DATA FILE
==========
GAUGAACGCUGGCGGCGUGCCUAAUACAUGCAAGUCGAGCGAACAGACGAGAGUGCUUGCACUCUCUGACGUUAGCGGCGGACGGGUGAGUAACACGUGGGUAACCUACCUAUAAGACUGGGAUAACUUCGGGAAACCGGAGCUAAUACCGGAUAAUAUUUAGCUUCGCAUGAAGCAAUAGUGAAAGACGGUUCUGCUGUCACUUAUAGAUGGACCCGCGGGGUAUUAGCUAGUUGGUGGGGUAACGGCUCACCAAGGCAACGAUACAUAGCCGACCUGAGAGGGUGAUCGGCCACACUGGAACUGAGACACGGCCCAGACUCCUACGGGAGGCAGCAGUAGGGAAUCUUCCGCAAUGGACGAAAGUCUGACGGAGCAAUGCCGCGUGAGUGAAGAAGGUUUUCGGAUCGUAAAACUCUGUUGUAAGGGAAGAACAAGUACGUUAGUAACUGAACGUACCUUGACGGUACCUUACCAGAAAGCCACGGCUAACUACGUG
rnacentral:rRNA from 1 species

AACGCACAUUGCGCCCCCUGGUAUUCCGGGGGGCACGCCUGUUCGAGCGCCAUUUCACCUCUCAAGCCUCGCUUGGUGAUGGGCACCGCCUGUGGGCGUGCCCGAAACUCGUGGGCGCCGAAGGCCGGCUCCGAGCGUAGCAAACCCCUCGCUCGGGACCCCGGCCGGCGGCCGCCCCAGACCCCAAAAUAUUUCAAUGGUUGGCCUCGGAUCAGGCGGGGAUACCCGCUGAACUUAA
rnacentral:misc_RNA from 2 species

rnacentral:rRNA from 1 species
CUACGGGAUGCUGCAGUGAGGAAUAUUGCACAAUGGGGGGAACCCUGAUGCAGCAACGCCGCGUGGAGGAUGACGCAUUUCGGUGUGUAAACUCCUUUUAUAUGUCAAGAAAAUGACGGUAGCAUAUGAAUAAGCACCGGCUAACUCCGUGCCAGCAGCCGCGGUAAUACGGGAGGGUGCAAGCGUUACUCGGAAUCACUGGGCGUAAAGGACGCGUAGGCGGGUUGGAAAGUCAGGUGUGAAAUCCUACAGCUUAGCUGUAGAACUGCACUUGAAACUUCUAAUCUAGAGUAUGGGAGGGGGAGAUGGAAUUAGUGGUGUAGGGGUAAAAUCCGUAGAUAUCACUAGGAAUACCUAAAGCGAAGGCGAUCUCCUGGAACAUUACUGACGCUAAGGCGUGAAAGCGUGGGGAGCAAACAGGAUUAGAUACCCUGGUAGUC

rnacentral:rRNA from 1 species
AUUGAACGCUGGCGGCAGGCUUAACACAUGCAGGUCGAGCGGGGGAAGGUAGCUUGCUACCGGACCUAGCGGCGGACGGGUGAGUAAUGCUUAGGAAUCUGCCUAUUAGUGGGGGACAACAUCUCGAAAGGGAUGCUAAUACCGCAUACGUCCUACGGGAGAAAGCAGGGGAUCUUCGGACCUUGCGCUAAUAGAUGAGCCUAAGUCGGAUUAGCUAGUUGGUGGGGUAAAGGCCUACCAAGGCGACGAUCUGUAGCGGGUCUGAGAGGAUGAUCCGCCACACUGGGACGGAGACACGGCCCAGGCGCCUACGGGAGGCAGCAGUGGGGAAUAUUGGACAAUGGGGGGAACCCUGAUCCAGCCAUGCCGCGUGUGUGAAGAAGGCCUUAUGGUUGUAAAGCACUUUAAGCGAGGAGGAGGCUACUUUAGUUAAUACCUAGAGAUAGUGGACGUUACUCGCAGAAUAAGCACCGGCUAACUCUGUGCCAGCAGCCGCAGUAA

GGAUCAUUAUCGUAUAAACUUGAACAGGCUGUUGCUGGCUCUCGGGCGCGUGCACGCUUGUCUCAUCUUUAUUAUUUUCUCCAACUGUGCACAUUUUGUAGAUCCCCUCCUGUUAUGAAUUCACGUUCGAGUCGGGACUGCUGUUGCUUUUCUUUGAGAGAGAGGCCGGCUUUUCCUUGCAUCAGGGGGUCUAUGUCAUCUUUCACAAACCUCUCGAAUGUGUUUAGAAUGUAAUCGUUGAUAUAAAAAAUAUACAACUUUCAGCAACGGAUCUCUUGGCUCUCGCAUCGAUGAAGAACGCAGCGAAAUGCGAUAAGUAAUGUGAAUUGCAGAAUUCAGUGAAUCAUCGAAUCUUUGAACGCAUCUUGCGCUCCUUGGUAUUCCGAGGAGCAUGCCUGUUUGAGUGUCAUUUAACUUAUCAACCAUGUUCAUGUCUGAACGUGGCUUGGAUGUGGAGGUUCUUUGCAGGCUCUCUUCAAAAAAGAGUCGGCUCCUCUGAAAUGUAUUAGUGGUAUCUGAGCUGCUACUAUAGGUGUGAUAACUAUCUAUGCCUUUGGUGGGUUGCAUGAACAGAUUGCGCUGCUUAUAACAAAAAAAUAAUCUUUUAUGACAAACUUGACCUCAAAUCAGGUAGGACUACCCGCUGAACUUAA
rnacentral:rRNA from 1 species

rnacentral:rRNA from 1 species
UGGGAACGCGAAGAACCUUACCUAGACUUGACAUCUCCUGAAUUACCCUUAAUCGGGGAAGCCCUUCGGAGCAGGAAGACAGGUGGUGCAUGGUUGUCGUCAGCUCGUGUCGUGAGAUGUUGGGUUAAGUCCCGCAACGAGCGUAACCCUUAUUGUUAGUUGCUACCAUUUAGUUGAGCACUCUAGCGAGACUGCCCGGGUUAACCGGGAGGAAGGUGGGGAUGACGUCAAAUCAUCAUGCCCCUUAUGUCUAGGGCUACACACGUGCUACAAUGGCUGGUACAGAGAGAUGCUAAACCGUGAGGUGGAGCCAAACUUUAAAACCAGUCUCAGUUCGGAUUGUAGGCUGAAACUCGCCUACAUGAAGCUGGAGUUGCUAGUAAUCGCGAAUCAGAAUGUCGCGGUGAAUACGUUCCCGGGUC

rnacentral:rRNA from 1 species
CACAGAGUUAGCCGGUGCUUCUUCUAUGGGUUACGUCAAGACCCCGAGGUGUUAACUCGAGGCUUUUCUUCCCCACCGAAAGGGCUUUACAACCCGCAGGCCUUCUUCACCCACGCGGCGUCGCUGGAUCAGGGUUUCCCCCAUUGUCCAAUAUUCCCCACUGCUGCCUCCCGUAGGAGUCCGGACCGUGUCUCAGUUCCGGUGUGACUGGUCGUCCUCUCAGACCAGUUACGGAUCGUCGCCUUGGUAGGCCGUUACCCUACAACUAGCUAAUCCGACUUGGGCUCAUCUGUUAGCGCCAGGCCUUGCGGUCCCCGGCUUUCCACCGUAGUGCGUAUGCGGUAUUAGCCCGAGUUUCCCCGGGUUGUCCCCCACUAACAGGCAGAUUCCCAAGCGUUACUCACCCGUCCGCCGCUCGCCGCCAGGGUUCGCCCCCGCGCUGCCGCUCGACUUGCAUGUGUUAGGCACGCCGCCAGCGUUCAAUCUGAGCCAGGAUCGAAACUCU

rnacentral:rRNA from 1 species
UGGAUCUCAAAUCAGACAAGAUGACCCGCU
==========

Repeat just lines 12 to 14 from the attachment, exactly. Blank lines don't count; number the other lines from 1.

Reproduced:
UGGGAACGCGAAGAACCUUACCUAGACUUGACAUCUCCUGAAUUACCCUUAAUCGGGGAAGCCCUUCGGAGCAGGAAGACAGGUGGUGCAUGGUUGUCGUCAGCUCGUGUCGUGAGAUGUUGGGUUAAGUCCCGCAACGAGCGUAACCCUUAUUGUUAGUUGCUACCAUUUAGUUGAGCACUCUAGCGAGACUGCCCGGGUUAACCGGGAGGAAGGUGGGGAUGACGUCAAAUCAUCAUGCCCCUUAUGUCUAGGGCUACACACGUGCUACAAUGGCUGGUACAGAGAGAUGCUAAACCGUGAGGUGGAGCCAAACUUUAAAACCAGUCUCAGUUCGGAUUGUAGGCUGAAACUCGCCUACAUGAAGCUGGAGUUGCUAGUAAUCGCGAAUCAGAAUGUCGCGGUGAAUACGUUCCCGGGUC

rnacentral:rRNA from 1 species
CACAGAGUUAGCCGGUGCUUCUUCUAUGGGUUACGUCAAGACCCCGAGGUGUUAACUCGAGGCUUUUCUUCCCCACCGAAAGGGCUUUACAACCCGCAGGCCUUCUUCACCCACGCGGCGUCGCUGGAUCAGGGUUUCCCCCAUUGUCCAAUAUUCCCCACUGCUGCCUCCCGUAGGAGUCCGGACCGUGUCUCAGUUCCGGUGUGACUGGUCGUCCUCUCAGACCAGUUACGGAUCGUCGCCUUGGUAGGCCGUUACCCUACAACUAGCUAAUCCGACUUGGGCUCAUCUGUUAGCGCCAGGCCUUGCGGUCCCCGGCUUUCCACCGUAGUGCGUAUGCGGUAUUAGCCCGAGUUUCCCCGGGUUGUCCCCCACUAACAGGCAGAUUCCCAAGCGUUACUCACCCGUCCGCCGCUCGCCGCCAGGGUUCGCCCCCGCGCUGCCGCUCGACUUGCAUGUGUUAGGCACGCCGCCAGCGUUCAAUCUGAGCCAGGAUCGAAACUCU